Decomposition will determine how fast blood meal works. The soil bacteria which are responsible for the decomposition and making blood meal available will act by breaking down ammonia. These soil bacteria in addition to warm and damp conditions encourage this fast action. And this fast action may be pretty harmful. 

Also, doing a soil test to know the amount of nitrogen needed in your soil will be of help. Even better, soil testing can be done with home test kits

Therefore, ensure you follow instructions and do not exceed the recommended quantity given on blood meal labels. 

Can I Mix Blood Meal With Water?

If you are wondering if you can mix blood meal with water, then you should know that most blood meals are highly soluble. Therefore you can mix blood meal with water. However, read the instructions on the label to know if should mix blood meal with water. 

Can You Sprinkle Bone Meal On Top Of Soil?

You can sprinkle bone meal evenly on top of the soil. Ensure you also mix to incorporate it well into the soil after sprinkling bone meal on top of your soil. When there is dry weather when sprinkling bone meal, water in thoroughly so it can work into the soil. 

Again, if you wish to apply bone meal fertilizer all through its growing season, make sure you sprinkle uniformly on top of the established areas of the soil. You should as well tenderly work it into the soil and minding the root of the plants as you do this. 

For applying bone meals on top of established plant soils with containers, sprinkle some bone meal at the beginning of the season. You can then sprinkle again once or twice all through the growing season. This will enhance flowering or encourage fruit ripening as your plants develop. 

Does blood meal get old?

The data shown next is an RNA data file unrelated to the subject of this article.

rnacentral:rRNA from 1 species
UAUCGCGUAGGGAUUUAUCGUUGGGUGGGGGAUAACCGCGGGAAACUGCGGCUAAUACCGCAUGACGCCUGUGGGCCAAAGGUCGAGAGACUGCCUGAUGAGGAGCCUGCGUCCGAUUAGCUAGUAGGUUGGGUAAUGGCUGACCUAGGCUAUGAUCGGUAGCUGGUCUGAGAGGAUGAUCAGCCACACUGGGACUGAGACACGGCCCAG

There are no studies showing that the blood meal gets old, and there have been no reports of anyone saying so. However, I have seen some of the older brands (e.g., Nutrafin) of blood meal that have been stored for long periods of time.

It's very difficult to quantify the amount of "sour" smell in blood meal. However, I have had many customers who have noticed that blood meal has a "sour" smell. The blood meal that I use for my mixtures does not have a strong "sour" smell, but it is not neutral smelling either. Blood meal should not be used for a product where the scent of the food is important (e.g., bread or cake mixes).

How long will blood meal feed the soil?

Blood meal contains nutrients that are good for plants. This includes nitrogen, phosphorus, potassium, calcium, magnesium, sulfur, copper, iron, manganese, zinc, boron, molybdenum and vitamin B. It also contains essential fatty acids like linolenic acid, oleic acid, palmitic acid and stearic acid.

It has a fairly short feeding span in soil that's somewhere around 7 weeks and it will not break down in water.

How long will blood meal last in soil?

According to the University of California-Davis, blood meal lasts for about a year in soil and for three years in water. It can last for up to five years in wood mulch and wood chips. Keep Learning The amount of time that blood meal lasts depends on the type of material it is in.

Wood mulch or wood chips are more likely to have a long life span than soil. Blood meal lasts for up to 5 years in wood chips and mulch.

How often should you use blood meal to feed soil?

It depends on what your goals are. If your goal is to improve the soil and it's microbial life, then you'll want to feed it every other week or so (or as often as your local soil biology will allow).

If your goal is to make a high-quality potting soil for your plants, then you'll want to feed it once a month or so.

One time a week is about right for most crops. I don't think there is any harm in using blood meal more often, but don't let it get too old or the insects will die off. If you have an extremely dry season, or your garden is being overworked, you may want to add another feeding.

I would say that it is best to use blood meal at least once a year, and preferably twice. The reason for this is that blood meal will break down over time, becoming less available to the worms. I think it is best to add the blood meal to the top of the soil, because if you add it to the bottom, you are not going to get any of the benefits.

Is Blood Meal Slow Release?

Slow release or fast release of blood meal fertilizer actually depends on soil temperatures. It is a slow-release when the soil temperatures are moderate or low. However, it is fast releasing in warm temperature. Also, the blood meal will be fast-acting in soggy or damp soil. 

Always have in mind that fast action of blood meal which results in the release of more nitrogen can be harmful to your plants.